So, let’s say you opted to buy a benzo for a few dollars. You take it, it calms you down, you assess what’s going on from a less panicked place. Maybe you decide it’s worth the investment to take benzos everyday and you become addicted, but just like a cigarette smoker or alcoholic, or soda drinker for that matter, you pay for your intake based on how much you use (plus tax). You are still harming your body and the ecosystem to some degree, and you may argue (and perhaps rightly so) this is harm reduction, keeping you alive until you can find a less harmful way. And maybe you will save the ecosystem someday, or have an important role in it, so it is important to keep you alive. Or maybe staying alive is intrinsically better than dying. In any case, mental illness has not been mentioned yet. And the reason? We are in an imaginary world where there are no psychiatric drugs prescribed as medicine.

The other thing to consider is what sorts of things would not be taking place in this post-psychiatry utopia of sorts. Polypharmacy, for one, would taper or cease to exist. Anyone taking multiple psych drugs in this imaginary reality would be seen as having a problem, similar to a person in our current culture who uses 3 different types of synthetic street drugs on a daily basis, even in small to moderate doses, or who uses several different forms of one each day.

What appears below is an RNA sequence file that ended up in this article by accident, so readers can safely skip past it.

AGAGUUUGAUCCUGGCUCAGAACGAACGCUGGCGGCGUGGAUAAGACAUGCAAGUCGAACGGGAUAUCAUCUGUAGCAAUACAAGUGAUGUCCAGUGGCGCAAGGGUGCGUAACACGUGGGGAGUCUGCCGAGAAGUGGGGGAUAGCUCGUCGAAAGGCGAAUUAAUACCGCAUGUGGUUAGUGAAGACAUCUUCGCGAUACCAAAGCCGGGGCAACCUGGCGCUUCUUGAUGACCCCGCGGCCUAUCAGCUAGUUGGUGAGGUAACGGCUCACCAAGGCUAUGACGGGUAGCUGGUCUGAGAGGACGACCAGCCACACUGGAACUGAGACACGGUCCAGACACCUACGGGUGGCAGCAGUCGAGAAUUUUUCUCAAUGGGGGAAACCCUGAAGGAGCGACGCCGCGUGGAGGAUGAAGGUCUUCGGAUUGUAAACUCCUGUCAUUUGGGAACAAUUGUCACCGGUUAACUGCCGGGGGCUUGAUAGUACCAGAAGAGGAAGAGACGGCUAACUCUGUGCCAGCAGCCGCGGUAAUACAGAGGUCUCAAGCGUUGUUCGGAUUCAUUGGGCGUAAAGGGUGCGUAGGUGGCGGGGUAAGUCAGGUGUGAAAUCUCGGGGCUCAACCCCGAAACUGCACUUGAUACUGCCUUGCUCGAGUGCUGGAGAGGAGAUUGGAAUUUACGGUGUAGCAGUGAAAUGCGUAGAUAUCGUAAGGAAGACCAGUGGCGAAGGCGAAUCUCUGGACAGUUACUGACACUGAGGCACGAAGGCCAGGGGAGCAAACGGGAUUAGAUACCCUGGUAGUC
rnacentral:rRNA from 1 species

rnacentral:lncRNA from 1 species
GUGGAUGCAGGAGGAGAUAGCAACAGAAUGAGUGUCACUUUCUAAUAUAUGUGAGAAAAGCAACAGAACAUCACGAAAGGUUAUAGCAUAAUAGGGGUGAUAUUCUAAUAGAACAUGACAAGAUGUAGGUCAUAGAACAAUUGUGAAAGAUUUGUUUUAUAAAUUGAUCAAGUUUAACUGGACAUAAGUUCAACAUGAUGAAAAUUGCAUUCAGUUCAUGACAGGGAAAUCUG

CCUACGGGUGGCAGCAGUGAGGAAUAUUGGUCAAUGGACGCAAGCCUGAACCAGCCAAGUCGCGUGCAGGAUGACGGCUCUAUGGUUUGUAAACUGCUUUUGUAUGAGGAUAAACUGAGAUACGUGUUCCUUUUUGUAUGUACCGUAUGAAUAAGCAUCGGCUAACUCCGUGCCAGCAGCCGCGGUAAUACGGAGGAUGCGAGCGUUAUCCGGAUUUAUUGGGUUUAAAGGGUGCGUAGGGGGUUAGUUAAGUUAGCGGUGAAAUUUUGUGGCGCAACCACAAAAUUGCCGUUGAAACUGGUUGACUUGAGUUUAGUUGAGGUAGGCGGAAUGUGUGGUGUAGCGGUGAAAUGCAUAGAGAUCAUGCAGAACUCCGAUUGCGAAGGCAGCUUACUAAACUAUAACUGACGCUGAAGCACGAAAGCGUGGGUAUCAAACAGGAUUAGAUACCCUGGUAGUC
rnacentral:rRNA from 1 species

There would also be far far far less people taking psych drugs for daily “maintenance” of mood or with hopes and illusions of drug induced emotional stability with a hefty price tag of good health. Why? Because these drugs would not be labeled medicine, therefore few people would go beyond the initial week or two of delirium. Psych drugs meant for daily use (excluding stimulants and sleeping pills) don’t “work” right away the way benzos do. Benzos, like opiates, are designed to be a quick emergency fix of relief. Other psych drugs like SSRIs, neuroleptics, and anticonvulsant drugs start off with a week or two of making the substance user feel disoriented, sick, confused and nauseous in many cases. Few people would bother to take them beyond that trial period (or at all) without a doctor coaching them along. People take stimulants, benzos, sleeping pills and opiates recreationally and/or addictively, but other classes of drugs give no immediate good feeling or relief beyond the placebo effect.